It was standing room only at this excellent EIS wellbeing event that took place in Glasgow on 13 January.

The highlight for many was the outstanding presentation by Sinead McBrearty, the CEO of Education Support UK, a charity whose mission is to improve the mental health and wellbeing of teachers and education staff, because it understands that better mental health leads to better education.

The charity supports individuals and helps schools, colleges and universities to improve the mental health and wellbeing of their staff. They also carry out research and advocate for changes in Government policy for the benefit of the education workforce.

A key message in Sinead’s presentation was a warning against hierarchical, top-down managerialism by senior leaders, which she explained is very damaging to teacher wellbeing. Referring to teachers as education’s “most precious finite resource”, she called on senior leaders to “review, stop and drop” tasks that they are demanding of staff much more regularly, in order to protect that precious resource. She called on leaders to self-evaluate more thoroughly and bravely by running staff surveys, taking the messages from them on board and empowering their staff.

Teacher wellbeing should be the top priority “ahead of everything” because other priorities such as attainment will never see genuine and sustainable improvement without teachers’ health being secure and thriving.

Sinead’s message chimes with the EIS’s long-standing demand for genuine teacher empowerment in schools, and echoes the famous insight by management consultant and writer Peter Drucker: “Culture eats strategy for breakfast”.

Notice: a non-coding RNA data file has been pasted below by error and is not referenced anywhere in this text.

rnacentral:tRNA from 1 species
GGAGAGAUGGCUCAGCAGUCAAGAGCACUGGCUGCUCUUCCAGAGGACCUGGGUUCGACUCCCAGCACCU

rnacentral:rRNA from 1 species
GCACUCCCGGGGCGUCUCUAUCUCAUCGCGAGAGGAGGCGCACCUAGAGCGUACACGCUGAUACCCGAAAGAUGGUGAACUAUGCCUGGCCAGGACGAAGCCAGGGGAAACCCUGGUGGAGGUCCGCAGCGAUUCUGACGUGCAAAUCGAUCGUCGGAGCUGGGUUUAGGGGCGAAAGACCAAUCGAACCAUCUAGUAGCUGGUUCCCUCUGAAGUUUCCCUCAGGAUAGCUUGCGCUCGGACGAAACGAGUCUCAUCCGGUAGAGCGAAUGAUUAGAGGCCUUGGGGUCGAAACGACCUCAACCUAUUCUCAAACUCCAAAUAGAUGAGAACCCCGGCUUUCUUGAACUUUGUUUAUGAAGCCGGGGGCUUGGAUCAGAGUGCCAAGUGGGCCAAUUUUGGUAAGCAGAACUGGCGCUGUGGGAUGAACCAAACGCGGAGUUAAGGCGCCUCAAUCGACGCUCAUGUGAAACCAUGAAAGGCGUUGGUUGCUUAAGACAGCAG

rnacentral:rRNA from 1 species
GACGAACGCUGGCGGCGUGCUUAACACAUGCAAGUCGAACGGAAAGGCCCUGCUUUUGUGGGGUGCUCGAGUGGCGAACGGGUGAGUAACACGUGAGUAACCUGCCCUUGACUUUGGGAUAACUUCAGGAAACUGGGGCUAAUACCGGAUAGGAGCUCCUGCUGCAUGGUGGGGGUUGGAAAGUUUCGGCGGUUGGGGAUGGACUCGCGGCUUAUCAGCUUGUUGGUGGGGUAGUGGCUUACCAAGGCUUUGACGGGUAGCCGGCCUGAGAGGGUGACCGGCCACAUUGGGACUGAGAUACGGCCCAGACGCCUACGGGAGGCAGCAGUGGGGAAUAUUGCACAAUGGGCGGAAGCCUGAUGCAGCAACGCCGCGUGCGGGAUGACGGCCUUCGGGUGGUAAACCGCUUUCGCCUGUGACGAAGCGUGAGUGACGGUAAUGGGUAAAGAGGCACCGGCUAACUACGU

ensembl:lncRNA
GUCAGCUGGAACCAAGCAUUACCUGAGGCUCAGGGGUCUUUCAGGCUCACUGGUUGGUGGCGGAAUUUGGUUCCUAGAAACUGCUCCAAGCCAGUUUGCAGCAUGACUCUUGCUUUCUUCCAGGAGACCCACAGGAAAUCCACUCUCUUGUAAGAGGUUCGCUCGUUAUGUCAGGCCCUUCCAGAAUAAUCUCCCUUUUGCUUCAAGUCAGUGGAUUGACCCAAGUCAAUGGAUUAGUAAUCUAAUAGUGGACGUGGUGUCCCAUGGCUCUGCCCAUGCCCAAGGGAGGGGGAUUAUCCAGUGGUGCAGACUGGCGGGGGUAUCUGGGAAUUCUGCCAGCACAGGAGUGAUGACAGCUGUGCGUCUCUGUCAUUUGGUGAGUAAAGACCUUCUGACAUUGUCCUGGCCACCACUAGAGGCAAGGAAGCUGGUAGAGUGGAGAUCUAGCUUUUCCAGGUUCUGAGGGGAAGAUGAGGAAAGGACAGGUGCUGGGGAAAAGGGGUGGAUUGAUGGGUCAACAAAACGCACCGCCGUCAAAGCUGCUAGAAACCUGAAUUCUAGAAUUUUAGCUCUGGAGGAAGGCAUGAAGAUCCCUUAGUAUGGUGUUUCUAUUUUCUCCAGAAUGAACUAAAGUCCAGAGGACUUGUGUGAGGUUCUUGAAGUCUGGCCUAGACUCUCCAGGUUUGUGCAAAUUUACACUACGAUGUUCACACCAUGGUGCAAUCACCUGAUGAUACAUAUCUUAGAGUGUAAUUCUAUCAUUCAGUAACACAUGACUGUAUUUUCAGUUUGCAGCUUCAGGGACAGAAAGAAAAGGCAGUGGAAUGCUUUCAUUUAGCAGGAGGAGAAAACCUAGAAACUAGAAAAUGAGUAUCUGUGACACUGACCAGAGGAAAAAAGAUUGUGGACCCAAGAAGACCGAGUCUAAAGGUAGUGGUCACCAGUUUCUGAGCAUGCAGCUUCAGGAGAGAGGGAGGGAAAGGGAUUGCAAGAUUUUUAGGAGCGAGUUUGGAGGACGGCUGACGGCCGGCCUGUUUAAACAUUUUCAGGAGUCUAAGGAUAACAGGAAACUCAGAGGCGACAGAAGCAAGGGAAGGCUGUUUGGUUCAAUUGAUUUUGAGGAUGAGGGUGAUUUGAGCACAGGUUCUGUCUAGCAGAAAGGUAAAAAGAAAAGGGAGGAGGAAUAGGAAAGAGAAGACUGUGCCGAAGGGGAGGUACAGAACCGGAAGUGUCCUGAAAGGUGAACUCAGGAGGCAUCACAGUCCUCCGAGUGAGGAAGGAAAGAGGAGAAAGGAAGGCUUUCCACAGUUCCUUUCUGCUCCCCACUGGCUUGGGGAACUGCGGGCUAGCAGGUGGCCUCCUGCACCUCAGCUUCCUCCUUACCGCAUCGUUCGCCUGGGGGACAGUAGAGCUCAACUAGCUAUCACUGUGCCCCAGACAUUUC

If the culture in your workplace is not right, she said, change will come through collective action. Coming together to fight together is good for our health. As Sinead said in her conclusion, quoting Theodore Roosevelt, “Do what you can with what you have where you are.”


Practical Tools for Enhancing Health and Wellbeing in the Workplace

The aim of our Stand Up for Quality Education campaign is to significantly improve teachers’ working conditions and health, safety and wellbeing at work. This workshop gave delegates an opportunity to examine and evaluate the current health and safety structures and provision within their settings, highlight and share areas of good practice, and consider how health and safety legislation can be used as an organising tool in branches.

Taking Care of our Whole Selves at Work: An Intersectional Lens on Workplace Stress and Wellbeing

This workshop considered the interrelatedness of our lived experience on mental health and wellbeing in the workplace and encouraged a reframing towards a collective and trauma-sensitive approach that is rooted in compassion towards ourselves and others.

Building a Collective Voice for Wellbeing

This workshop explored Health and Wellbeing in the context of our Stand Up for Quality Education campaign and highlighted the positive steps members can take to improve their working environment. There was practical advice on how to improve H&WB with a focus on improving mental health and tackling the structural issues that are the cause of many H&WB issues in establishments.

Health and Wellbeing in the Classroom

We know teachers’ wellbeing is central to student wellbeing and we all deserve work that brings purpose and joy to our lives. Our communities need schools to be happy, healthy places. It has never been more important for teaching to be seen as an attractive and valued profession and the classroom as a place where you can thrive. Yet the experience of too many of our members tells a different story.

This workshop looked at the importance of empowerment and teacher agency in changing the culture in our schools and explored different ways in which we can work together to improve wellbeing and consequently, the learning environment for children and young people.